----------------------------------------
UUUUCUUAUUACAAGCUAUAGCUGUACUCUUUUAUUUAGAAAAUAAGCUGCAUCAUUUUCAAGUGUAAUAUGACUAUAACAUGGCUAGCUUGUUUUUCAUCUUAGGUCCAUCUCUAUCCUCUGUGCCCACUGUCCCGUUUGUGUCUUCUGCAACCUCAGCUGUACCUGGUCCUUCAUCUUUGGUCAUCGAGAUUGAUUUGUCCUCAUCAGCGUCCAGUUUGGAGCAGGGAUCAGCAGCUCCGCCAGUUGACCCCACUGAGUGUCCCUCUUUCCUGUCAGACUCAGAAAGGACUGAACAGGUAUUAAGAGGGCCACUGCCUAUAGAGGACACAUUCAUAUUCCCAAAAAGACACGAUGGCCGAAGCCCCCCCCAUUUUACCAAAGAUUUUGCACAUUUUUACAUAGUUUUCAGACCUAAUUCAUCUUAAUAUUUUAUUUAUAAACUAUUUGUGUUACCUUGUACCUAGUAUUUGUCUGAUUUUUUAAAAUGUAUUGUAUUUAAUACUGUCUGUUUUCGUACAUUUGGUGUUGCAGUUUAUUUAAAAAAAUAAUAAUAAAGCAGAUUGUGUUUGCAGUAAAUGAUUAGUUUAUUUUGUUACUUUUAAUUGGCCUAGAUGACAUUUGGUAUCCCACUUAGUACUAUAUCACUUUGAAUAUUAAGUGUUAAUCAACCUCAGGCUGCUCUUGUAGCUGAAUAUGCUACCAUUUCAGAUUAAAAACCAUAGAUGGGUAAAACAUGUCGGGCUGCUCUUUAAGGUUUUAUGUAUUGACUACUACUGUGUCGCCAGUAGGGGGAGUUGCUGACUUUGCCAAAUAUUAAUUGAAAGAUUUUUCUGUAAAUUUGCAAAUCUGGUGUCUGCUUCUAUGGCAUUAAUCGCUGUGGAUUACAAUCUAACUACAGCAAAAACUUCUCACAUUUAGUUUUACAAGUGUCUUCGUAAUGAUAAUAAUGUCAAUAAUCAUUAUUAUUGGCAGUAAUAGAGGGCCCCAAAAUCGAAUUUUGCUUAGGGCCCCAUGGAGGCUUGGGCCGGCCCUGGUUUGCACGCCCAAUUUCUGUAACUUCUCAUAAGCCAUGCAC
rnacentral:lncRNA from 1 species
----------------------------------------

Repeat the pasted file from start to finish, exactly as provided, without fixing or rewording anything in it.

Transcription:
UUUUCUUAUUACAAGCUAUAGCUGUACUCUUUUAUUUAGAAAAUAAGCUGCAUCAUUUUCAAGUGUAAUAUGACUAUAACAUGGCUAGCUUGUUUUUCAUCUUAGGUCCAUCUCUAUCCUCUGUGCCCACUGUCCCGUUUGUGUCUUCUGCAACCUCAGCUGUACCUGGUCCUUCAUCUUUGGUCAUCGAGAUUGAUUUGUCCUCAUCAGCGUCCAGUUUGGAGCAGGGAUCAGCAGCUCCGCCAGUUGACCCCACUGAGUGUCCCUCUUUCCUGUCAGACUCAGAAAGGACUGAACAGGUAUUAAGAGGGCCACUGCCUAUAGAGGACACAUUCAUAUUCCCAAAAAGACACGAUGGCCGAAGCCCCCCCCAUUUUACCAAAGAUUUUGCACAUUUUUACAUAGUUUUCAGACCUAAUUCAUCUUAAUAUUUUAUUUAUAAACUAUUUGUGUUACCUUGUACCUAGUAUUUGUCUGAUUUUUUAAAAUGUAUUGUAUUUAAUACUGUCUGUUUUCGUACAUUUGGUGUUGCAGUUUAUUUAAAAAAAUAAUAAUAAAGCAGAUUGUGUUUGCAGUAAAUGAUUAGUUUAUUUUGUUACUUUUAAUUGGCCUAGAUGACAUUUGGUAUCCCACUUAGUACUAUAUCACUUUGAAUAUUAAGUGUUAAUCAACCUCAGGCUGCUCUUGUAGCUGAAUAUGCUACCAUUUCAGAUUAAAAACCAUAGAUGGGUAAAACAUGUCGGGCUGCUCUUUAAGGUUUUAUGUAUUGACUACUACUGUGUCGCCAGUAGGGGGAGUUGCUGACUUUGCCAAAUAUUAAUUGAAAGAUUUUUCUGUAAAUUUGCAAAUCUGGUGUCUGCUUCUAUGGCAUUAAUCGCUGUGGAUUACAAUCUAACUACAGCAAAAACUUCUCACAUUUAGUUUUACAAGUGUCUUCGUAAUGAUAAUAAUGUCAAUAAUCAUUAUUAUUGGCAGUAAUAGAGGGCCCCAAAAUCGAAUUUUGCUUAGGGCCCCAUGGAGGCUUGGGCCGGCCCUGGUUUGCACGCCCAAUUUCUGUAACUUCUCAUAAGCCAUGCAC
rnacentral:lncRNA from 1 species